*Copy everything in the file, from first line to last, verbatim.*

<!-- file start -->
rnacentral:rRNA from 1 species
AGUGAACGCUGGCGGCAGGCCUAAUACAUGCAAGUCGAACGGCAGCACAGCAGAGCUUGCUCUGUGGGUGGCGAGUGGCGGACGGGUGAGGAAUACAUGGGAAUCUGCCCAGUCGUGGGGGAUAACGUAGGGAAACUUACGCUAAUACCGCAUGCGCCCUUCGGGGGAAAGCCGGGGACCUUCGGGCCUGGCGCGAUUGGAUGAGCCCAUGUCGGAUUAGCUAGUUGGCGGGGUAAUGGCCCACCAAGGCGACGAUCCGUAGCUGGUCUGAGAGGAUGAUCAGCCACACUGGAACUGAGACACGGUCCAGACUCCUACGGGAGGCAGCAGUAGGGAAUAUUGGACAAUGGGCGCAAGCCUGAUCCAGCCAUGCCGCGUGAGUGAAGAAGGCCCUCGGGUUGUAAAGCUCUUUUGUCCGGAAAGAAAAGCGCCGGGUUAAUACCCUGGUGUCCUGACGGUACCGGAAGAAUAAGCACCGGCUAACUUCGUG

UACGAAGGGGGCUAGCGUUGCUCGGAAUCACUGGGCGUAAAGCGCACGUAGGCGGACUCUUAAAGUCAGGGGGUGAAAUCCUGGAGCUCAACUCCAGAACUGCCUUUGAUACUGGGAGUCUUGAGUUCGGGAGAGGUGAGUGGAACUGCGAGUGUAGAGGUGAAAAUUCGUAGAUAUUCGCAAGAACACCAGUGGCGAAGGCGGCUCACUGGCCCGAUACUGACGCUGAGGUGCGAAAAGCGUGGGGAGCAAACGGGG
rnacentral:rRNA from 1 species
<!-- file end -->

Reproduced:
rnacentral:rRNA from 1 species
AGUGAACGCUGGCGGCAGGCCUAAUACAUGCAAGUCGAACGGCAGCACAGCAGAGCUUGCUCUGUGGGUGGCGAGUGGCGGACGGGUGAGGAAUACAUGGGAAUCUGCCCAGUCGUGGGGGAUAACGUAGGGAAACUUACGCUAAUACCGCAUGCGCCCUUCGGGGGAAAGCCGGGGACCUUCGGGCCUGGCGCGAUUGGAUGAGCCCAUGUCGGAUUAGCUAGUUGGCGGGGUAAUGGCCCACCAAGGCGACGAUCCGUAGCUGGUCUGAGAGGAUGAUCAGCCACACUGGAACUGAGACACGGUCCAGACUCCUACGGGAGGCAGCAGUAGGGAAUAUUGGACAAUGGGCGCAAGCCUGAUCCAGCCAUGCCGCGUGAGUGAAGAAGGCCCUCGGGUUGUAAAGCUCUUUUGUCCGGAAAGAAAAGCGCCGGGUUAAUACCCUGGUGUCCUGACGGUACCGGAAGAAUAAGCACCGGCUAACUUCGUG

UACGAAGGGGGCUAGCGUUGCUCGGAAUCACUGGGCGUAAAGCGCACGUAGGCGGACUCUUAAAGUCAGGGGGUGAAAUCCUGGAGCUCAACUCCAGAACUGCCUUUGAUACUGGGAGUCUUGAGUUCGGGAGAGGUGAGUGGAACUGCGAGUGUAGAGGUGAAAAUUCGUAGAUAUUCGCAAGAACACCAGUGGCGAAGGCGGCUCACUGGCCCGAUACUGACGCUGAGGUGCGAAAAGCGUGGGGAGCAAACGGGG
rnacentral:rRNA from 1 species